Page:Popular Science Monthly Volume 34.djvu/744

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in answer to questions asked in writing or verbally, sometimes openly and sometimes in folded slips of paper. It was soon discovered that the character of this writing was of two kinds. The long messages were neatly written, with the i's dotted and the t's crossed, and often produced unasked, or not in direct answer to a question; while the short ones, in answer to questions asked only shortly beforehand, were scrawly, hardly legible, and evidently written without the aid of the eye. The many methods of producing the short writings were repeated by a professional presti-digitateur much more skillfully than by Slade. The commission distinctly saw every step in Slade's method, on one occasion or another, but were utterly baffled by the conjurer (Mr. Harry Kellar), who subsequently revealed his methods to Dr. Furness. The long messages are written beforehand, on slates to be substituted for the ones given him at a favorable opportunity. At the last séance with Dr. Slade, two prepared slates were resting against a table behind him, and Dr. Furness kept a sharp watch upon these slates. "Unfortunately, it was too sharp; for one second the medium saw me looking at them. It was enough. That detected look prevented the revelation of those elaborate spirit messages. But when the séance was over, and he was signing the receipt for his money, I passed round behind his chair and pushed these slates with my foot, so as to make them fall over, whereupon the writing on one of them was distinctly revealed." The medium at once pushed back his chair, snatched the slates, hurriedly washed them, and could with difficulty regain sufficient composure to sign the receipt for the exorbitant payment of his services. This is not the first time that Slade has been exposed, and it is hoped that this verdict of the Seybert commission, "fraudulent throughout," will be sufficient to make further exposure unnecessary.[1]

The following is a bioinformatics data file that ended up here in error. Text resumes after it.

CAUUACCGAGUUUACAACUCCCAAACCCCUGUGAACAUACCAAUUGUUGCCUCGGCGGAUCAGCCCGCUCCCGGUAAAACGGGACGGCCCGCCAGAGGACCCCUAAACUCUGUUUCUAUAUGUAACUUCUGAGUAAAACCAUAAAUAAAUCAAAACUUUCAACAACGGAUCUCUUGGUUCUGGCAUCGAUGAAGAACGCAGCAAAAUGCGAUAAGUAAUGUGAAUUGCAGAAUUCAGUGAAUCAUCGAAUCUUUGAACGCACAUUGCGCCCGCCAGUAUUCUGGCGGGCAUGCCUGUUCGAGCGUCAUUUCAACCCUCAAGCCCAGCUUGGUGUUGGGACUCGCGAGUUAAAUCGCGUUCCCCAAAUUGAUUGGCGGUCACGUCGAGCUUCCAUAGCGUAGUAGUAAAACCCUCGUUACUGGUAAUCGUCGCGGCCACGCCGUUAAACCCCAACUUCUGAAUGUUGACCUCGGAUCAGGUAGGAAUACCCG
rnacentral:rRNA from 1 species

Another medium, Mrs. Patterson, gives a closely similar performance. Dr. Knerr had a sitting with her, and adjusted a mirror

    of the supernatural origin of Slade's performances, and one of their number (Zöllner) found the theory of their explanation in harmony with the mathematical notions of the fourth dimension of space. Prof. G. S. Fullerton, the secretary of the Seybert commission, has interviewed Zöllner's associates, and finds that, "of the four eminent men whose names have made famous the investigation, there is reason to believe one, Zöllner, was of unsound mind at the time, and anxious for an experimental demonstration of an already accepted hypothesis (the fourth dimension of space); another, Fechner, was partly blind, and believed because of Zöllner's observations; a third, Scheibner, was also afflicted with defective vision, and not entirely satisfied in his own mind as to the phenomena; and a fourth, Weber, was advanced in age, and did not even recognize the disabilities of his associates." None knew anything about conjuring, and, deservedly honored as these men are in their own specialties, they were certainly not fitted to compete with a professional like Slade.

  1. Another member of the commission (Mr. Coleman Sellers) says, with regard to Slade: "The methods of this medium's operations appear to me to be perfectly transparent, and I wish to say emphatically that I am astonished beyond expression at the confidence of this